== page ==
Thanks to our chapter’s generosity, this special piece has been brought back to life, paying homage to its beauty.
Italian figurative art has always been characterized by an interest in the human figure and its relationship with the surrounding world, while the representation of nature remained of minor importance. Until the 16th century nature was represented in paintings as a decorative background. It is at the beginning of the 17th century that landscape slowly becomes the main subject of many paintings.
Landscape painting as an independent genre was created in the Northern countries such as Flanders where, between the 15th and 16th centuries, landscape paintings appeared as popular home decorations.
In northern Europe and the German-speaking realms, the Reformation had separated much of the population from Roman Catholic culture and its religious imagery. It was here that the first great painters of landscape painting developed. In Italy, landscape painting only became an independent genre in the 17th century, with the affirmation of the ideal landscape imagined by artists such as Lorrain, Annibale Carracci, Domenichino, Poussin and the pre-Romantic Salvator Rosa.
Italian landscape painting grew and developed primarily in Rome. It was there that Annibale Carracci transformed the 16th century Venetian landscape into a classically arranged humanistic landscape. It was also in Rome that the heroic and ideal landscapes of Lorraine and Poussin as well as the realistic Northern landscapes by Brill and Elsheimer developed. In the Eternal City that landscape genre was Italianized by the painter Agostino Tassi and eventually “romanticized” by Salvator Rosa.
This small Vatican canvas belongs stylistically to the genre of “ideal” landscapes of Annibale Carracci. The scene represents a shepherd in the foreground with his herd while in the background there is a view of trees, glades and rocks.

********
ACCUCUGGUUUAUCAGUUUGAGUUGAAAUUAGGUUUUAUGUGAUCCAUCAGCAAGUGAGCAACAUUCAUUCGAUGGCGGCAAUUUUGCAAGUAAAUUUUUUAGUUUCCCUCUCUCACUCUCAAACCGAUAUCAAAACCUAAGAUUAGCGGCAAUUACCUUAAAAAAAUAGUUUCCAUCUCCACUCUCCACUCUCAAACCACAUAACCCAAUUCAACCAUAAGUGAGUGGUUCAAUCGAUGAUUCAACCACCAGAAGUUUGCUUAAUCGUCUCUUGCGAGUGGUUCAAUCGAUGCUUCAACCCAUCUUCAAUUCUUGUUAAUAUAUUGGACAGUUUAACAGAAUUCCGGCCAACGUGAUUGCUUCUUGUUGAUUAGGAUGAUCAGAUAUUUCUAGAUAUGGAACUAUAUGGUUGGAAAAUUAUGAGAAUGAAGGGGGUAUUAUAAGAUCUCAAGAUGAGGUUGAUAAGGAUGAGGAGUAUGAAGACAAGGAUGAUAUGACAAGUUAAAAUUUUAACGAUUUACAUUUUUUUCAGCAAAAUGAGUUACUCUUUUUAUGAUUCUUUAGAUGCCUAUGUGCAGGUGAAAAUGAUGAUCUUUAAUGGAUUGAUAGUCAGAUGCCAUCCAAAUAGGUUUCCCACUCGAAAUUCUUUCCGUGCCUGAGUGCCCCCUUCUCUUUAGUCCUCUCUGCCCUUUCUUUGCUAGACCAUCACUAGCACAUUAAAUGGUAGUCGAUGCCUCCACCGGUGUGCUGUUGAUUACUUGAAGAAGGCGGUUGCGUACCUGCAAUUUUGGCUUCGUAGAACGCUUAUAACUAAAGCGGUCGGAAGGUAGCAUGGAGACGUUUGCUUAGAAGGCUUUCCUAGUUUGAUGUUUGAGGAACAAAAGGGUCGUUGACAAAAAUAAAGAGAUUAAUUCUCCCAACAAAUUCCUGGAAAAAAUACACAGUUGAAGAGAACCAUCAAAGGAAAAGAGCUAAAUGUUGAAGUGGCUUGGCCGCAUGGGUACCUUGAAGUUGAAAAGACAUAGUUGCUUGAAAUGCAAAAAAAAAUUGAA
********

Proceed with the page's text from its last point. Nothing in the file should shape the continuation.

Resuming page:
This painting was restored several years ago. However, this restoration only concentrated on the canvas and its fixing.
Unfortunately, the conditions of the painted surface were precarious. The colors were cheeping and detaching from the surface in several areas. Furthermore, there were numerous touching up from the past which appeared very oxidized and resulted visible to the UV and false colors.
After the photographic campaign before the restoration, our restorers took care immediately of the consolidation of the detached painted areas and of the overall cleaning in order to remove the old yellowed layer which had been spread on the entire surface.
Some large areas both in the centre and in the lower left hand corner had been previously entirely repainted and in order to better preserve the whole layout and aesthetic beauty of the piece these portions have been cleaned and preserved. On the other hand, those areas where the color was missed and detached have been plastered and reintegrated with a delicate watercolor touch up. The final step consisted in a final protective varnish applied on the surface of the painting.
The frame as well underwent a conservation work. It was cleaned and fixed where necessary. Missed color was reintegrated with watercolors.